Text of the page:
The Isolated Séance (An Irregular Detective mystery, 1)
London, 1895. Twenty-six-year-old Timothy Badger was a street urchin of twelve when Sherlock Holmes began using him as his spy. The Baker Street Irregulars find clues Holmes and his Dr. Watson need because, to the everyday person, they are an invisible nuisance. For the last five years, Tim and his talented Black friend, Benjamin Watson, have been scraping by, detecting for Holmes whenever summoned. Now, however, Holmes trusts them to solve a case entirely on their own: the murder of Horace Quinn in his own home during a séance.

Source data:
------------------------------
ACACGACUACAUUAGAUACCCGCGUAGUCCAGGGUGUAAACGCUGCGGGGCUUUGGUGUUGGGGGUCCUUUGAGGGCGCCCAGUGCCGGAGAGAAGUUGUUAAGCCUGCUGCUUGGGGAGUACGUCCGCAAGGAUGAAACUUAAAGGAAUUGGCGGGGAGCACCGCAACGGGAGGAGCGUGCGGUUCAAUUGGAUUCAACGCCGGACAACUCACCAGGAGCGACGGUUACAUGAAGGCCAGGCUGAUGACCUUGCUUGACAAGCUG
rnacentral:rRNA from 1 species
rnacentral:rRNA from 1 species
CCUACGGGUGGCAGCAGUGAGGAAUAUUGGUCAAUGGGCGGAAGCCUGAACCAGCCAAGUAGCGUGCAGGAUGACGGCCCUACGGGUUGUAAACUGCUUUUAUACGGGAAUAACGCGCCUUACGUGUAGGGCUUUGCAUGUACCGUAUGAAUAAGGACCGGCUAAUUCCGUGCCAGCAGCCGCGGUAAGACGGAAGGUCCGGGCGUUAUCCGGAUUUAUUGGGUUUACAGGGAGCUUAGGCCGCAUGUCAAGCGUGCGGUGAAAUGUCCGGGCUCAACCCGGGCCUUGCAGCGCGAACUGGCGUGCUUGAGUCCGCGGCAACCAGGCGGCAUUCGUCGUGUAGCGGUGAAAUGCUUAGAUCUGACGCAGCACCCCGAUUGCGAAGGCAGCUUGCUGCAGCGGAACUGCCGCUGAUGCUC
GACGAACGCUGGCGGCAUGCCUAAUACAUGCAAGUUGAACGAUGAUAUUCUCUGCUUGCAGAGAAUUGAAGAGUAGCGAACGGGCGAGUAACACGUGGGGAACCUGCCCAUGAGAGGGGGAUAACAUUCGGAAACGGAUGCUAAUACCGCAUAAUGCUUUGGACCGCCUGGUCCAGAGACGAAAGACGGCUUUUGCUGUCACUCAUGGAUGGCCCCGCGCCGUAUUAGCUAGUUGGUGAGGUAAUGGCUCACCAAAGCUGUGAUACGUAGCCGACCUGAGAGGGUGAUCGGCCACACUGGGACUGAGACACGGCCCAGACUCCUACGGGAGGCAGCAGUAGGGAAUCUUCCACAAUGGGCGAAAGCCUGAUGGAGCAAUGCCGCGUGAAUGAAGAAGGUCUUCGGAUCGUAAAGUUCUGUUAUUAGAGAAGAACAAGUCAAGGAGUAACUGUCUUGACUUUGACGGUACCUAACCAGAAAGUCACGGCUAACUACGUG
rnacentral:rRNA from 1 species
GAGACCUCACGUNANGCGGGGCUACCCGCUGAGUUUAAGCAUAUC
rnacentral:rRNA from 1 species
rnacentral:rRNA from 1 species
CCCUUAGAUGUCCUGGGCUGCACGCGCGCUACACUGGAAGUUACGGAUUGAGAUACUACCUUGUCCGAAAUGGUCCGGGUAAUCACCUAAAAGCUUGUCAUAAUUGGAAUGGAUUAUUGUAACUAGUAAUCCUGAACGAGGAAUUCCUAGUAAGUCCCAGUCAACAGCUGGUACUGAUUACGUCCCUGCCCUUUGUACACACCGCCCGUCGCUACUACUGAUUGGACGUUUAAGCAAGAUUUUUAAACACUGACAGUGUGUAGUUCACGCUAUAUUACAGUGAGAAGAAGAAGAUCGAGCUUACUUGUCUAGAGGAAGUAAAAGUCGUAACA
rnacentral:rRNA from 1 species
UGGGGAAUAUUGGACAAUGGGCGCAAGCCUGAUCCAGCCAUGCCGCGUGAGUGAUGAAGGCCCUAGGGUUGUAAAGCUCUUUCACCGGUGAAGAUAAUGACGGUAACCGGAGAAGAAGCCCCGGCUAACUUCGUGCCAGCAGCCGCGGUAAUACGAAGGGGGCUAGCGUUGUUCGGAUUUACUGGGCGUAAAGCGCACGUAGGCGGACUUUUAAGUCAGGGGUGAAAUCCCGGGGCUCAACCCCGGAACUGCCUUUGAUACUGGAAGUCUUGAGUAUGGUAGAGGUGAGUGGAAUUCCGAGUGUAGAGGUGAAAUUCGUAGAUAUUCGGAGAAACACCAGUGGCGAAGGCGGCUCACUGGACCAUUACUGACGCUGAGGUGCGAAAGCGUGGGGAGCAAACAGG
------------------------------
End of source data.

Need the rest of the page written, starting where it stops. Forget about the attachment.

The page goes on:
Only five people are in the room when the lights go out: Quinn, the medium, his housekeeper, his maid, and Thomas Brent, Quinn’s valet and the one person that police suspect of the crime. Holmes believes Badger and Watson can clear Brent using their own unique means of combing the streets for clues, including finding the elusive medium and uncovering the murder weapon and the motive for the deed. The pair employ their deductive skills, charm, and the unwitting help of a female reporter to ferret out why the Ouija board spelled out “A-T-I-C.”
Westerson has created an endearing ensemble cast at 49b Dean Street that should delight audiences for as many crimes as she wishes them to solve. The action scenes are replete with tension, and the interplay of the main characters teems with authenticity of the period. Highly recommended.